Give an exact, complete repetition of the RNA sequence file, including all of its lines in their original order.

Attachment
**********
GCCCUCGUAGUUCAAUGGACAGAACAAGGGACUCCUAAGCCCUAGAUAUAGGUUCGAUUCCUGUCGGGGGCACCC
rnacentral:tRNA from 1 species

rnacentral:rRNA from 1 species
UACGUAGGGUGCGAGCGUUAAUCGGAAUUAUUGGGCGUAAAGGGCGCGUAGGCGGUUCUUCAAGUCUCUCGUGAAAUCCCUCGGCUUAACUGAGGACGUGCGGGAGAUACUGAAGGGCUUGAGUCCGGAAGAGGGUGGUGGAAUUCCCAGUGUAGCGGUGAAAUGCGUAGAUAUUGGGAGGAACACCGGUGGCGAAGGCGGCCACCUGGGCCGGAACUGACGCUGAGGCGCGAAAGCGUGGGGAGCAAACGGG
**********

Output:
GCCCUCGUAGUUCAAUGGACAGAACAAGGGACUCCUAAGCCCUAGAUAUAGGUUCGAUUCCUGUCGGGGGCACCC
rnacentral:tRNA from 1 species

rnacentral:rRNA from 1 species
UACGUAGGGUGCGAGCGUUAAUCGGAAUUAUUGGGCGUAAAGGGCGCGUAGGCGGUUCUUCAAGUCUCUCGUGAAAUCCCUCGGCUUAACUGAGGACGUGCGGGAGAUACUGAAGGGCUUGAGUCCGGAAGAGGGUGGUGGAAUUCCCAGUGUAGCGGUGAAAUGCGUAGAUAUUGGGAGGAACACCGGUGGCGAAGGCGGCCACCUGGGCCGGAACUGACGCUGAGGCGCGAAAGCGUGGGGAGCAAACGGG